It’s no secret that the Oilers have a crowd on the back end. Prospects Darnell Nurse, Griffin Reinhart and Brandon Davidson will all push for spots on the NHL roster. Newcomers Andrej Sekera and Eric Gryba are major-league veterans and will figure into the mix. Those five players will have to contend with a returning group of five who were on the blue line last season.
What gets talked about less is that the NHL roster isn’t the only place that’s crowded. The Bakersfield Condors have a long list of defenceman looking for AHL playing time, and one of head coach Gerry Fleming’s key challenges will be to find development time for all his prospects.
The Defensive Depth Chart
I’ve assumed here that the Oilers will keep eight defencemen in the majors, press-boxing disappointing veterans Andrew Ference and Nikita Nikitin. That’s not the only option available to Edmonton, and it’s entirely possible that we’ll see a player like Griffin Reinhart start the year in the AHL.
Even if he doesn’t, Bakersfield is going to have a full roster.
It’s assured that Darnell Nurse will get a ton of playing time if he ends up in the minors; he’s a good bet to be a top-pairing defenceman out of the gate in the AHL, assuming that he’s demoted and doesn’t make the Oilers out of training camp.
David Musil is another player who will get a lot of playing time; he’s entering his third professional campaign, got an NHL cup of coffee last season and this is a make-or-break year for him. In 2016-17 Musil will need to clear waivers to be assigned to the AHL and the 2011 second-round pick has a lot of good qualities. The organization has little choice but to play him a lot and he’s likely to earn his minutes on merit in any event.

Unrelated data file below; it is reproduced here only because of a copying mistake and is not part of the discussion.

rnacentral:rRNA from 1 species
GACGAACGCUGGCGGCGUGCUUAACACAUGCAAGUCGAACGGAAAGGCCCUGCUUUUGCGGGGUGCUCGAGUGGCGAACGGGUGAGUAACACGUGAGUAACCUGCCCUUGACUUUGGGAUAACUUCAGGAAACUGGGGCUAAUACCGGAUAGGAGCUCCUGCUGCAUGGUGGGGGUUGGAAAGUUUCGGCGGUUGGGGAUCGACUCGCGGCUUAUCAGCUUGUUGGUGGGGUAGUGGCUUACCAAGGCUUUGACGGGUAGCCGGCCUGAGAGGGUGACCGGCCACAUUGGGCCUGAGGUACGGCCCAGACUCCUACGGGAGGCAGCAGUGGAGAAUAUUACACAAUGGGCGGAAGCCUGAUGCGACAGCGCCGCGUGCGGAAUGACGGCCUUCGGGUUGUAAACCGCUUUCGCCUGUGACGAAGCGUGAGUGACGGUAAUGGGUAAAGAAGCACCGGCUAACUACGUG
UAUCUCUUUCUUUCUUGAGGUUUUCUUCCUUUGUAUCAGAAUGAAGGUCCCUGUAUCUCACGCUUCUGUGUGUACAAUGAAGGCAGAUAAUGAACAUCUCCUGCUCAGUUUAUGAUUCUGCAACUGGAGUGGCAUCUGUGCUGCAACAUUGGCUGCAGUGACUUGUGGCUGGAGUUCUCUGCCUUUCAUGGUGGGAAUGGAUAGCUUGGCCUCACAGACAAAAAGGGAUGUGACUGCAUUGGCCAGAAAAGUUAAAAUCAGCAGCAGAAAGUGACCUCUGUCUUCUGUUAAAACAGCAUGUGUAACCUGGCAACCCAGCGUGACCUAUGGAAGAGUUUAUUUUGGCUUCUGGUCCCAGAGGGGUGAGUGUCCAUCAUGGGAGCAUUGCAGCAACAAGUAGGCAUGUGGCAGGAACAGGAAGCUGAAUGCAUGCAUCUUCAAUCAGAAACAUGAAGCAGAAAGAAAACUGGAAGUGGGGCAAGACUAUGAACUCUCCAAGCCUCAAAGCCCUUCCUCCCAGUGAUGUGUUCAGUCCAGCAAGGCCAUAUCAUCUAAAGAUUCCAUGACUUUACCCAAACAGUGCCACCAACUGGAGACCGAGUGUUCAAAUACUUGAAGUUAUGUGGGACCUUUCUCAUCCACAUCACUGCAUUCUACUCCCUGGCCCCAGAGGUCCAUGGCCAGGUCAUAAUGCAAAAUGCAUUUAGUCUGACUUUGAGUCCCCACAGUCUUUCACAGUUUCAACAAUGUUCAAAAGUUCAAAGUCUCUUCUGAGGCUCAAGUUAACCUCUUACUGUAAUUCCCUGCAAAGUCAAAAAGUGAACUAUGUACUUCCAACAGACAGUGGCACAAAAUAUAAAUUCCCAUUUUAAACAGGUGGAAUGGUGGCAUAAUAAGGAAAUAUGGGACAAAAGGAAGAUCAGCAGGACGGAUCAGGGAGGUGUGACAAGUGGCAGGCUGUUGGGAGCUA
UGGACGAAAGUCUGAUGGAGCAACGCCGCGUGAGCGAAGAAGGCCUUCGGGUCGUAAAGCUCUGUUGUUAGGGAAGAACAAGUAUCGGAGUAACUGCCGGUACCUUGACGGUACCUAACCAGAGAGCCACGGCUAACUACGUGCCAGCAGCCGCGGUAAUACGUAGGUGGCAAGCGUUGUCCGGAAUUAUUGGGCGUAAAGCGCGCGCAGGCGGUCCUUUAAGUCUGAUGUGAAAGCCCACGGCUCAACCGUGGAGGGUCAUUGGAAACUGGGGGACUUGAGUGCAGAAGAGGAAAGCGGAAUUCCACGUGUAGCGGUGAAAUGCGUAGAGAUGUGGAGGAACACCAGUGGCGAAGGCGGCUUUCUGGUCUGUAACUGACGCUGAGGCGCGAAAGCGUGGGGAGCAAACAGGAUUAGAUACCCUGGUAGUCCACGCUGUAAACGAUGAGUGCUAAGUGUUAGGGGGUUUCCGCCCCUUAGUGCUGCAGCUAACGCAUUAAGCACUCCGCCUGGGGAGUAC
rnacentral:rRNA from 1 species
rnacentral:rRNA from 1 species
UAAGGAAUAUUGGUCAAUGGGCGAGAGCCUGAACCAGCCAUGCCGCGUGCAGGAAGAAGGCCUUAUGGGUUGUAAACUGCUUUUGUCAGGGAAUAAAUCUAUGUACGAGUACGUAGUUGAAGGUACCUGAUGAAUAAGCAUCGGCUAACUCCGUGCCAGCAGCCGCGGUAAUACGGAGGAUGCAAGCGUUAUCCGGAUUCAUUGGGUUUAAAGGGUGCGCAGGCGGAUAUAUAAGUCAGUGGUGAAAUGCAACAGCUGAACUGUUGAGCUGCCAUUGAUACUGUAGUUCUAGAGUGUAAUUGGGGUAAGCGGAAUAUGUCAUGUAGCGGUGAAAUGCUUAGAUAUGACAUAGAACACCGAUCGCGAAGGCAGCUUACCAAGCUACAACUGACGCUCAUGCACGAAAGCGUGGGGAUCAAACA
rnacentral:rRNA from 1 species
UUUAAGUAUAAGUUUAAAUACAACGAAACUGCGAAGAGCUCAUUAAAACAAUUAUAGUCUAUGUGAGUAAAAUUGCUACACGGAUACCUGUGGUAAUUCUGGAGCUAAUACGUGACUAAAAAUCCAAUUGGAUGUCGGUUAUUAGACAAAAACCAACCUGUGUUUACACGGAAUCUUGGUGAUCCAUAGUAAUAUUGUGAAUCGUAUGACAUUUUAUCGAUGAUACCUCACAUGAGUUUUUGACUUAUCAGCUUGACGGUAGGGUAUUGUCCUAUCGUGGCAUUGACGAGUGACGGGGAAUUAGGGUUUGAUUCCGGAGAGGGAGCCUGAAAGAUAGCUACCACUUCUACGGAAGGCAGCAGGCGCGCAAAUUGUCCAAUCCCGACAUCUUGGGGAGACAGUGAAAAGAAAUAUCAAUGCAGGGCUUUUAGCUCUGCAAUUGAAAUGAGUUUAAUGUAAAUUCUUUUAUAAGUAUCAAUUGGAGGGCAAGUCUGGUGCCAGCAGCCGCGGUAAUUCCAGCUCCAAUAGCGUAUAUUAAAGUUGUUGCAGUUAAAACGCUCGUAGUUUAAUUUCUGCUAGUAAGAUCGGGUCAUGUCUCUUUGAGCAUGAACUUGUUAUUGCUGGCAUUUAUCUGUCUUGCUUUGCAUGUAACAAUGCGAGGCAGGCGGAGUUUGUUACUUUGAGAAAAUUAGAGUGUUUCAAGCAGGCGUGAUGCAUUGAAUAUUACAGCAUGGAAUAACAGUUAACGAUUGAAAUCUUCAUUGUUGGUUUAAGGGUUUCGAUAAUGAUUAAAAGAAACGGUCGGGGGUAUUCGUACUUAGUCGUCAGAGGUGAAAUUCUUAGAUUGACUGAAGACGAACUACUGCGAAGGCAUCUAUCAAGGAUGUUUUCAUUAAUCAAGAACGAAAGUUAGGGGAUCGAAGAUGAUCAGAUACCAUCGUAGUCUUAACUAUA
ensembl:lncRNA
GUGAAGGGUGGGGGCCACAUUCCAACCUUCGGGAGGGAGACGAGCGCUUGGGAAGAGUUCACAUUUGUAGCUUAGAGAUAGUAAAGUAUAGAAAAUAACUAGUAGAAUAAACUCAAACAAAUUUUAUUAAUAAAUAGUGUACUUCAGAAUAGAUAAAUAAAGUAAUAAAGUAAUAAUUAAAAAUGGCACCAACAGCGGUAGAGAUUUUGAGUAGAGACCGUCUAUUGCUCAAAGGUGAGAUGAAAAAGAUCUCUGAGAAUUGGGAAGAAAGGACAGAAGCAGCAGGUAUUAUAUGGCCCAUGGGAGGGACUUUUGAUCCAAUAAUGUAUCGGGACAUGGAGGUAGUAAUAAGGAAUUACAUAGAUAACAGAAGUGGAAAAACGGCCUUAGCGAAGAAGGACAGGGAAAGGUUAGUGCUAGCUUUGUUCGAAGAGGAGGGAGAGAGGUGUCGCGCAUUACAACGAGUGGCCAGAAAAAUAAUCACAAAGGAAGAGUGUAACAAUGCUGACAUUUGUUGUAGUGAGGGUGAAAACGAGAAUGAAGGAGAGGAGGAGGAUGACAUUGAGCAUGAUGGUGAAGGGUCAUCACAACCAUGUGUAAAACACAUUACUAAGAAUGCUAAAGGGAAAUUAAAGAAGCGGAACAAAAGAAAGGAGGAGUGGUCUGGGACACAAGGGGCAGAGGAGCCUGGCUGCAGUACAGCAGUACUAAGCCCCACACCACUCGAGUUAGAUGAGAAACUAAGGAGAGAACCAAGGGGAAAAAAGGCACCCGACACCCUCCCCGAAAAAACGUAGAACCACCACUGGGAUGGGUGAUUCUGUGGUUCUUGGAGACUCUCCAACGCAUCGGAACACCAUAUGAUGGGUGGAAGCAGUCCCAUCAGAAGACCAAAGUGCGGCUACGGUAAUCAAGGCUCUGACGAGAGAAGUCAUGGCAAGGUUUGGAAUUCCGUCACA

Brandon Davidson will need to clear waivers to be demoted and is a strong candidate for NHL employment next year, even if only as a No. 7 defenceman. If he’s in the minors, he’ll likely be behind only Nurse on the left side depth chart.
Brad Hunt is the lone veteran in the group, and my guess is that he shifts over to the right side as he has in years past. He’ll power the Condors’ power play and likely get top-four minutes as a mentor to the younger players on the roster.
I have Jordan Oesterle and Dillon Simpson starting on the third pairing as they enter their second professional campaigns. Oesterle had an NHL cameo last season and should push for top-four work but there simply isn’t much room. Simpson too should be expected to push for top-four work as part of his progression as a prospect. There’s no real rush on either guy, but both should be in the NHL conversation next year at this point so they’ll have to be given a chance to show progress.
Outside the top-six on my depth chart are rookie pros Ben Betker and Joey Laleggia and imploding prospect Martin Gernat.
Gernat is in free-fall after previously being a prospect of significant interest; he’s a wildcard at this point. I wouldn’t be surprised if after a hard summer he shows well in training camp and gets some major-league consideration. I also wouldn’t be surprised if the Oilers loaned him to a European club to make room. He’s 6’5” and he can skate and move the puck, so it would be a shame if he were squeezed out without getting another shot but it could easily happen.
Either or both of Laleggia and Betker might find themselves in the ECHL to start the year, and that wouldn’t necessarily be a bad thing, since it would guarantee playing time. It’s a safe bet that at least one defenceman will be injured before the end of training camp, so one of these guys can probably force his way into Bakersfield’s top-six. I wouldn’t be surprised if both ended up playing about 55 games in the AHL, getting a cup of coffee in the ECHL and spending some time in the pressbox.
Nick Pageau is on an AHL contract and at age 27 can’t really be described as a prospect. He’ll likely start the year in the ECHL and only be brought up if injury opens up a need.